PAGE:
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Chasing the Bear (A Young Spenser Novel)
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Chasing the Bear (Spenser #36.5)

3.86  ·  Rating Details ·  1,719 Ratings  ·  174 Reviews
Chasing the Bear: A Young Spenser Novel
Hardcover, 176 pages
Published May 14th 2009 by Philomel
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Way back in 2009 I read Robert B. Parker’s new Spenser novel The Professional and wrote up a review bitching about how he fell into bad habits late in his career. Then he died a few months later, and I felt slightly guilty about bashing a series I once loved so I started re-reading them from the beginning. I figured I would just hit the early ones and quit before I started getting irritated. Yet I found myself compulsively going through all the Spenser books until I got to the point where I had ...more
Oct 12, 2009 Amanda rated it really liked it
This review has been hidden because it contains spoilers. To view it, click here.
Brent Soderstrum
Feb 14, 2017 Brent Soderstrum rated it liked it
In this prequel, Spenser tells Susan about growing up in Wyoming with his dad, Sam, and his uncles Cash and Patrick. Spenser's mom died in child birth so Spenser was raised by Sam and his mom's brothers.

Spenser tells little stories about his teen years which show Susan how he became the man he is today. No real mysteries. Spenser helping a young girl and then later helping a minority boy who is picked on.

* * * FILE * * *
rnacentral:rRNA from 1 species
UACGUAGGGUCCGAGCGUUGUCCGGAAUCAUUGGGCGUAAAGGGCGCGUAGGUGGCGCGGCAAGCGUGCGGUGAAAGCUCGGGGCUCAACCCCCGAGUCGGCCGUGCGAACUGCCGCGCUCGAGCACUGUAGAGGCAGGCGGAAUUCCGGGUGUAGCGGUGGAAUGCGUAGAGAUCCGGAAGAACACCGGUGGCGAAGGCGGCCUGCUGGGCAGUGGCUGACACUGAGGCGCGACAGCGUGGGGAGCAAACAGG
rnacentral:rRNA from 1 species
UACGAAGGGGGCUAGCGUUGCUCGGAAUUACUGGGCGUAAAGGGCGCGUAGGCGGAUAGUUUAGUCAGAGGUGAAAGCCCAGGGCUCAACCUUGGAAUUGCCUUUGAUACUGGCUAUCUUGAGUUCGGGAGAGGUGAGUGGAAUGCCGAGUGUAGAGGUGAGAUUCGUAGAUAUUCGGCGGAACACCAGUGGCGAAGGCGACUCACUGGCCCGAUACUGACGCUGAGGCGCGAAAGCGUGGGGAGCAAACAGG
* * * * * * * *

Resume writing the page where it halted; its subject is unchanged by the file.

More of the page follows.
Not great but a quick read. Also you will need to read it if you are a compulsive Spenser
Jan 15, 2011 Steve rated it it was amazing
Actually a 4 1/2 star rating. The writing is vintage Parker, and though it is considered a young adult book, I found the writing style to be almost the same as his normal Spenser novels. It's a quick read, with a message, but not preachy. Spenser fans will love the background into his childhood and the reflections on how he was raised by his father and uncles. In many ways, this book showed the basis for Spenser's work with Paul Giacomin in Early Autumn.

With other books and authors, I've found "
Eric Kneisler
Sep 17, 2014 Eric Kneisler rated it really liked it
Genre: Contemporary YA fiction

Setting: Present day, in Boston, MA

Spenser- main character, has no first name